Writers, musicians and actors are facing continuing hardship because of the Covid-19 pandemic, which has put a stop to new commissions and live performance, and many have fallen through the gaps of Government support.
At the same time, uncertainty caused by Brexit means finding new work after the transition period ends in January looks more and more challenging as the final countdown begins.
In a joint letter to Culture Secretary Oliver Dowden, the three unions’ General Secretaries said it was a “time of extraordinary disruption to performers and writers”, and called on the Government to clarify its position on ensuring that creative work across Europe remains viable for British artists.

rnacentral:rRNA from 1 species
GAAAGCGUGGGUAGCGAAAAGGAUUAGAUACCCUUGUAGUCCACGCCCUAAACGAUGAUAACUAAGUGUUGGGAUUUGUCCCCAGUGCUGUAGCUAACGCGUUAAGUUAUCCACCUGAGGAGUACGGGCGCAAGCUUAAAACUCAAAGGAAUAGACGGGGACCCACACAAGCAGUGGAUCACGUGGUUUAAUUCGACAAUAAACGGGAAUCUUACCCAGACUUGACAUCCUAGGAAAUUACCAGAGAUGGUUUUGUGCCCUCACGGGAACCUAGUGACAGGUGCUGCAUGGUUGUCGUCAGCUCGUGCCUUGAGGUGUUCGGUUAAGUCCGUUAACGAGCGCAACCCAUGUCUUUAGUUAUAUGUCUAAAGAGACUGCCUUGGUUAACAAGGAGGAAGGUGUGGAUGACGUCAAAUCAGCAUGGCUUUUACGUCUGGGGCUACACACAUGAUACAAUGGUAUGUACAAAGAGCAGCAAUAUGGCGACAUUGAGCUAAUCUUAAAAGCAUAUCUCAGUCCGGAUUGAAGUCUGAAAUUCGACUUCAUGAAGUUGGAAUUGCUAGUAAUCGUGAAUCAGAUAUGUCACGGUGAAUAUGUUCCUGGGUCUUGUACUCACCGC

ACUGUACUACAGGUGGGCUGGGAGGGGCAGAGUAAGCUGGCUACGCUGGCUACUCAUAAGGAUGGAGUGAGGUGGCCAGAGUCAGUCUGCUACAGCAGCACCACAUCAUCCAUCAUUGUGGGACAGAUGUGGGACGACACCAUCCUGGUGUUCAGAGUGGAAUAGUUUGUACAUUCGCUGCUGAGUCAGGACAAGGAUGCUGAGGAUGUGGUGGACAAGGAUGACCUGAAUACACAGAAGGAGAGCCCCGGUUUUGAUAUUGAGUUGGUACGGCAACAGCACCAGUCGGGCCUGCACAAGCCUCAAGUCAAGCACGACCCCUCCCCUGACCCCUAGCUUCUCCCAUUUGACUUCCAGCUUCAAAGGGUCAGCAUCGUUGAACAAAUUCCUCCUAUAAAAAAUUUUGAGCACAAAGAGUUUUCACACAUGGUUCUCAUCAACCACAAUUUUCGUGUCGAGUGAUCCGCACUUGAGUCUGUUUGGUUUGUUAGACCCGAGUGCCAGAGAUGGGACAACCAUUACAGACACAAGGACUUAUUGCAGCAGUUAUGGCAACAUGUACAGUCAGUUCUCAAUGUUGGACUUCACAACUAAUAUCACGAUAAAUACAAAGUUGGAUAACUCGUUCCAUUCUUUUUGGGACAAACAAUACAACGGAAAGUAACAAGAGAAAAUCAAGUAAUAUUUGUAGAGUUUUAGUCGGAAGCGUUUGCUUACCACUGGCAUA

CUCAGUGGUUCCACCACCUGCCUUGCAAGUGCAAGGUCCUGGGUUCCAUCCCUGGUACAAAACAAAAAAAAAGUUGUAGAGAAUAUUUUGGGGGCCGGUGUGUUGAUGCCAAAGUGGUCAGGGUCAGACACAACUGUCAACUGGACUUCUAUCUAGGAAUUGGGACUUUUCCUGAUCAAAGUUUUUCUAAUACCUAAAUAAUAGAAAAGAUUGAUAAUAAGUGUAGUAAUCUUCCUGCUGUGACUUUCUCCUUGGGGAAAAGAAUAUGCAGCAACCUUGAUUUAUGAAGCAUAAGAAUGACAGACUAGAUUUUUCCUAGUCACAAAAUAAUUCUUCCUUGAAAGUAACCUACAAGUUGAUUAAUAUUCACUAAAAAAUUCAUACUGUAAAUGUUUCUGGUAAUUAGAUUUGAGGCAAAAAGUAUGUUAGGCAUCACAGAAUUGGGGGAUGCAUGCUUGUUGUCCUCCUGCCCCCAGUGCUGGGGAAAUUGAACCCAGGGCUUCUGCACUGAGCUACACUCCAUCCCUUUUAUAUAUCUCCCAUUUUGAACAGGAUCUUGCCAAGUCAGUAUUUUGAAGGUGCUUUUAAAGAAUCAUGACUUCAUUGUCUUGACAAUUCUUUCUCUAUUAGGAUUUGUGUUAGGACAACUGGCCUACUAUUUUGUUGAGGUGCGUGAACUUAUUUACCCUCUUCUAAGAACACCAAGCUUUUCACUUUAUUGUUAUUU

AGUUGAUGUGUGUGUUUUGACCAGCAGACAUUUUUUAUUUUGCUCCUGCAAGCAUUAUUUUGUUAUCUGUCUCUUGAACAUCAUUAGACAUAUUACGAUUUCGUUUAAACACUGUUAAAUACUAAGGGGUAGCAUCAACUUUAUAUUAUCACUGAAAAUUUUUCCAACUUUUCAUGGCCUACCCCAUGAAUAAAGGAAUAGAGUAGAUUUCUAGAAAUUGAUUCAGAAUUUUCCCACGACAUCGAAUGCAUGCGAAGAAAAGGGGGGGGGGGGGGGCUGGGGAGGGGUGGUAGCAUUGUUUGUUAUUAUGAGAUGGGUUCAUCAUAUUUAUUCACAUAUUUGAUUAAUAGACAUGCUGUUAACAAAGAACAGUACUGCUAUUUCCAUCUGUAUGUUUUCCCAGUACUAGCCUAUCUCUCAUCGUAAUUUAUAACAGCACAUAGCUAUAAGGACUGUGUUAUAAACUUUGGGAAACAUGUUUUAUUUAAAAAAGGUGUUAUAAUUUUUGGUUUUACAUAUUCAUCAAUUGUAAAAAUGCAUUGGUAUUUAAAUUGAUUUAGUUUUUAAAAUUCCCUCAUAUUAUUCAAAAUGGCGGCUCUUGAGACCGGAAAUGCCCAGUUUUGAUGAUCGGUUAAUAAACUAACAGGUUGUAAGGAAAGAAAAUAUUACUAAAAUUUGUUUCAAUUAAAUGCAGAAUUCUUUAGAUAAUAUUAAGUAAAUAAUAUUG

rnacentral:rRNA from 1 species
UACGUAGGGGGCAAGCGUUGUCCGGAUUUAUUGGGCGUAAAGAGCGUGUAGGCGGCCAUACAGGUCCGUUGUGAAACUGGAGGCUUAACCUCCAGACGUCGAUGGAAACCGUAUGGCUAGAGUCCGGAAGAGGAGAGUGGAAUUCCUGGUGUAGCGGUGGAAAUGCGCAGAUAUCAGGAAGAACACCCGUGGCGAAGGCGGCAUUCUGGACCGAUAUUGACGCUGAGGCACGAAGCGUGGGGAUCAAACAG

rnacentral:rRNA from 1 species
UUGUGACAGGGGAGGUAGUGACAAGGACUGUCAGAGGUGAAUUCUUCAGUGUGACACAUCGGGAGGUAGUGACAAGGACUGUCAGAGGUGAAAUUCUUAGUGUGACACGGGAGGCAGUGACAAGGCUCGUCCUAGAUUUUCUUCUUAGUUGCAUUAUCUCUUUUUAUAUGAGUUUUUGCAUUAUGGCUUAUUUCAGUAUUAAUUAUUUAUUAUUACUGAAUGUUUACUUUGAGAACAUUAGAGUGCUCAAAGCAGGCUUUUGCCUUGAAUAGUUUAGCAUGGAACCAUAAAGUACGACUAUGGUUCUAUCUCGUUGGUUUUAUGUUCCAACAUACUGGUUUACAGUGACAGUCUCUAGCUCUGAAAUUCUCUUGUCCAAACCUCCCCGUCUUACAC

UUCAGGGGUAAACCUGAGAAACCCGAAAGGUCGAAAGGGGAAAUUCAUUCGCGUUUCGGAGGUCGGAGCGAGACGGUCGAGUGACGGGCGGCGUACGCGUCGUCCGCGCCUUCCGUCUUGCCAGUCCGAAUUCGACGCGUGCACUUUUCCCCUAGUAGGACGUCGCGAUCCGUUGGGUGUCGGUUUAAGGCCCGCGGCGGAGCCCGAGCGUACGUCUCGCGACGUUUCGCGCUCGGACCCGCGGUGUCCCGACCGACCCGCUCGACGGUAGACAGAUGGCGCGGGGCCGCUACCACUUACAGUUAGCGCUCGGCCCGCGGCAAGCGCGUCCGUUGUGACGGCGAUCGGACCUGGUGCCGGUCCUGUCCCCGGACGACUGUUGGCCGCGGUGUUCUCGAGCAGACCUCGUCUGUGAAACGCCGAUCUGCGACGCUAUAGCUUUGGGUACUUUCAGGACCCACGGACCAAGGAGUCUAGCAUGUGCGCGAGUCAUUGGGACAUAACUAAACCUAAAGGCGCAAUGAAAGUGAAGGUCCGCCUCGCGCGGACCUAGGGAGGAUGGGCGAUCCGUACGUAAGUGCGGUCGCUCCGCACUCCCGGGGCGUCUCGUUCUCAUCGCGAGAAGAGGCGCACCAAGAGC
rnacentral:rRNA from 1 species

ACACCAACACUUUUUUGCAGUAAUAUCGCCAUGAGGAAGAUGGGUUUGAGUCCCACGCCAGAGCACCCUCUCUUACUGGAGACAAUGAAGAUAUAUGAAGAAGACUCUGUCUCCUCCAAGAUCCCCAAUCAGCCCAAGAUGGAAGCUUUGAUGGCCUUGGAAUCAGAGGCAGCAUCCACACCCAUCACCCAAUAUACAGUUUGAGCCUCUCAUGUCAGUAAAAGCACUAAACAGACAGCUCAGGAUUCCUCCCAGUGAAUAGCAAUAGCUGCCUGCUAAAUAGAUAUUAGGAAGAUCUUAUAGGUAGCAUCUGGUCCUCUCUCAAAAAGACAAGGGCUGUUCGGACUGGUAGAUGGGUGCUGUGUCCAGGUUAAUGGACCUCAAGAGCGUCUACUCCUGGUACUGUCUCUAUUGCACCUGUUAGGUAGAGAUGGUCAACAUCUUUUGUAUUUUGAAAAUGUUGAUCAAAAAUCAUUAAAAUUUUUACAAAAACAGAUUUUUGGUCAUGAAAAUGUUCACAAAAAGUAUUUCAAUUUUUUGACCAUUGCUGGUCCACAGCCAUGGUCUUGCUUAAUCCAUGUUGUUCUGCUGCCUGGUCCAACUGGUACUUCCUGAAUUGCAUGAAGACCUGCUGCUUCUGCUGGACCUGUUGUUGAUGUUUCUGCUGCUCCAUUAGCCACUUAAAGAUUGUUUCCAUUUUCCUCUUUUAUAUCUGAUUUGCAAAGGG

They also asked for the Government to set out its position on copyright and the position of the arts in future trade deals, amid fears that the impact of leaving the bloc on the creative industries is not top of the agenda.
WGGB General Secretary Ellie Peers said: “With most British writers being self-employed and already experiencing hardship due to a lack of new commissions across the sector, now is not the time to be closing off opportunities to work.
“Equally its vital that British writers are not disadvantaged compared to their European counterparts when it comes to copyright protection and the ability to benefit from ongoing use of their work.”